I know that not all recruiters have time to do this. We’re overwhelmed and most of the time we don’t even have a second to breathe. But I often try to help out candidates as much as I can. I’ll give them tips on their resume, let them know what recruiters look for, coach them on their interviewing skills, tell them how to be easily found by recruiters, and so on. Most importantly, I let them know that they are always welcome to call me or email me if they need help or have questions. That extra time and effort feels rewarding especially when you hear the appreciation in the job seeker’s voice. I love it when I get emails and calls down the line from these individuals asking me for advice or when they let me know that they landed a job because of the tips I provided.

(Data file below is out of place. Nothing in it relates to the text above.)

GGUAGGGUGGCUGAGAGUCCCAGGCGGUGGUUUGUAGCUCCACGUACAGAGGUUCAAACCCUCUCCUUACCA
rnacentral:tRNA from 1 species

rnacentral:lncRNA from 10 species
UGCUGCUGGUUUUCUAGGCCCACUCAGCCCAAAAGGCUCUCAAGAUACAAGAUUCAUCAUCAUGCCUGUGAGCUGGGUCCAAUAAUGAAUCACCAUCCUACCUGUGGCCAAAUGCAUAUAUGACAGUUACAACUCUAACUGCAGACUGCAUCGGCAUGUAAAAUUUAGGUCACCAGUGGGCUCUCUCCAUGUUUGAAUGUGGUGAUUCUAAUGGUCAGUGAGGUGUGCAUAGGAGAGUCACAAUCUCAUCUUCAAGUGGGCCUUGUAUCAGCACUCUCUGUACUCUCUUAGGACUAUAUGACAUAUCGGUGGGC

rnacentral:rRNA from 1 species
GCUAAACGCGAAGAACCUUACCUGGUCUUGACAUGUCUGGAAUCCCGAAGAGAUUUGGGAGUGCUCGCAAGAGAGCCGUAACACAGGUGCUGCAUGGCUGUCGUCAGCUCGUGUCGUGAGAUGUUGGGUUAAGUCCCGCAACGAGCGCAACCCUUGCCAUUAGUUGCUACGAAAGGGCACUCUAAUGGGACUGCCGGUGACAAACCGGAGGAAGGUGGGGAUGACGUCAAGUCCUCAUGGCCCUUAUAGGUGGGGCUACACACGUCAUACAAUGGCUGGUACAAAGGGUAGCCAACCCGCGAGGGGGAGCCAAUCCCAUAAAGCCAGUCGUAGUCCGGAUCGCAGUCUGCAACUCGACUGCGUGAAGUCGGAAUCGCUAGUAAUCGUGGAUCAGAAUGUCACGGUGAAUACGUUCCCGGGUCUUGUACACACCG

I remember wishing that someone saw the potential in me when I was a job seeker. I hoped that employers could see my passion and hear the conviction in my voice when I told them that I wanted to do great things for their company. Eventually, a company saw that and took a chance on me. Now, I want to be the person that returns that favor, even if I can’t initially provide a job to these candidates who honestly want a future for themselves. Maybe my assistance will help them get the interview they needed so they can sit in front of that specific manager who will see their intentions and give them a chance.

It shouldn’t just be about YOUR job opening that you need to fill. It should be about helping people get back to work. People have unnecessarily suffered the situations caused by the changes in the workforce. What are we doing to help them adjust?

Photo Source

Changes in the Workforce: Are Employer Relationships Over?